However, improving, and even maintaining, softness by providing a smoother surface topography has proven to be elusive. The reason for this elusiveness is the trade-off between the smoother surface topography and increased density. Typically, densification increases fiber to fiber contacts, potentially causing bonding at the contact points. This negatively impacts flexibility and hence softness. This interdependent density/softness relationship has been referred to as virtually axiomatic in the commonly assigned U.S. Pat. No. 4,300,981 issued Nov. 17, 1994 to Carstens. The Carstens '981 patent also discusses the PSU softness measurement and is incorporated herein by reference. This relationship is also stated in competitive European Patent Application 0 613 979 A1, published Sep. 7, 1994, as increased void volume (i.e., decreased density) correlates with improved softness. Unfortunately, this trade-off has inimical effects for tissue products sought by the consumers.
Unexpectedly, applicants have found a way to decouple the prior art relationship between density and softness. Accordingly, it is now possible to improve the surface topography of tissue without encountering the concomitant loss of softness that occurs in the prior art. Therefore, softness levels, previously unattainable at relatively high densities, are possible with the present invention. Also, unexpectedly, absorbency is maintained at the higher density. This is contrary to prior art beliefs, as illustrated by European Patent Application 0 616 074 A1, which holds lower density results in more bulky and absorbent sheets.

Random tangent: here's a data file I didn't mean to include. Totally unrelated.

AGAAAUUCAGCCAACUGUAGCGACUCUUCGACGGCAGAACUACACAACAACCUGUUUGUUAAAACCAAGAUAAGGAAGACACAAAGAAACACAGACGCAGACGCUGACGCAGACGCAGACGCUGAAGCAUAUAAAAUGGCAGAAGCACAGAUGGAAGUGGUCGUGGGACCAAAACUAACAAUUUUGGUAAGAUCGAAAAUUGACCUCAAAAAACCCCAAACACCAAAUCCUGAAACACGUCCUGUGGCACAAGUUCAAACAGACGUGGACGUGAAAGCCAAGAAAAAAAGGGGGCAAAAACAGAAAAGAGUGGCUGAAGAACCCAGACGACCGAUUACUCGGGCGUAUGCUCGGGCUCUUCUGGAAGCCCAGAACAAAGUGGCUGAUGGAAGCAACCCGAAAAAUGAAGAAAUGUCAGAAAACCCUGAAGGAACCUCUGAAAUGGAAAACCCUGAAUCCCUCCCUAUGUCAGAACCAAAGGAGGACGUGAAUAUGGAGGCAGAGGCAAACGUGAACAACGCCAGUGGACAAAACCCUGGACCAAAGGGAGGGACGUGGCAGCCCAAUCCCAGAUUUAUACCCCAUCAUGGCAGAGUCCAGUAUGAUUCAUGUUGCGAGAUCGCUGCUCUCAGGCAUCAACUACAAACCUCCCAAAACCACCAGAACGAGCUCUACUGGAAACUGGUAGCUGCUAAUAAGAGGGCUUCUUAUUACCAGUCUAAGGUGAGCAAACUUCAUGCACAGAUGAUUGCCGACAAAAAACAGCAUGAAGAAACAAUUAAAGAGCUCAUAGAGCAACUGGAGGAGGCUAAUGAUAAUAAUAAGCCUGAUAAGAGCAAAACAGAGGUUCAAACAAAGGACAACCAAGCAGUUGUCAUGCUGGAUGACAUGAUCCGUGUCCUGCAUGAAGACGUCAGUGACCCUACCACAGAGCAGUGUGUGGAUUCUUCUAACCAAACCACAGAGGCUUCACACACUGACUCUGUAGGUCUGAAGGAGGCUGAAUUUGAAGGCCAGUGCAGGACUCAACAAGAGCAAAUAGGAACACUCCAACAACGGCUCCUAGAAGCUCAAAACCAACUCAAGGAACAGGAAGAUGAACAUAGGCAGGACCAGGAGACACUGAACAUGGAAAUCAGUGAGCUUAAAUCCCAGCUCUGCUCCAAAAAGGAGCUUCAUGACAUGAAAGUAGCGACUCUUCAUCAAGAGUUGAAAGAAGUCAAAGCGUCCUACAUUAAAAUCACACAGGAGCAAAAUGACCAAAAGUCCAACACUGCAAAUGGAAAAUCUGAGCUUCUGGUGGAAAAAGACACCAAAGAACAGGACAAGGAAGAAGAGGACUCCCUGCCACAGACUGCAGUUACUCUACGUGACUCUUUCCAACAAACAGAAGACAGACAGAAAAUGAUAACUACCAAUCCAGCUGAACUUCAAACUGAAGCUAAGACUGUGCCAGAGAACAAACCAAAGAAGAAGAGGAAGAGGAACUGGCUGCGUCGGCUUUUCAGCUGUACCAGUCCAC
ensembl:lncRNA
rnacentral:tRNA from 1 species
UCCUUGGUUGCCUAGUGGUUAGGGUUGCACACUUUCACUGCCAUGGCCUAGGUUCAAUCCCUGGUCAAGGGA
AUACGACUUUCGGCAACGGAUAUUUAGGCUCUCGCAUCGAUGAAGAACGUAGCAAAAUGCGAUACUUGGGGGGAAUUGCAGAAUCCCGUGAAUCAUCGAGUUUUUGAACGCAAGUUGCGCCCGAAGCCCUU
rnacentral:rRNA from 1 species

Further unexpectedly, it has been found necessary to utilize a multidensity substrate to make tissue according to the present invention. This is unexpected because multidensity tissue, particularly through air dried tissue, generally has a lesser density than conventionally dried tissue having a uniform density throughout. Thus, rather than using high density tissue as a starting point in the calendering process, one must utilize relatively lower density tissues as the starting point.
FIG. 1 is a graphical representation of the relationship between smoothness and density for the tissues set forth in Examples 1 to 5 below.
FIG. 2 is a graphical representation of the relationship between softness and caliper for the tissues set forth in Examples 1 to 5 below.
The invention comprises a sheet of tissue. The tissue is a macroscopically monoplanar multidensity cellulosic fibrous structure. The tissue has a smoothness with a physiological surface smoothness of less than or equal to about 800 microns, preferably less than or equal to about 750 microns, and more preferably less than or equal to about 700 microns and yet more preferably less than or equal to about 650 microns.
The tissue may be made from a through air dried substrate. The substrate may be dried to a moisture level of about 1.9 to about 3.5 percent. The tissue may then be calendered at a pressure of about 90 to 180 psi, and 130 to 300 pli in the nip.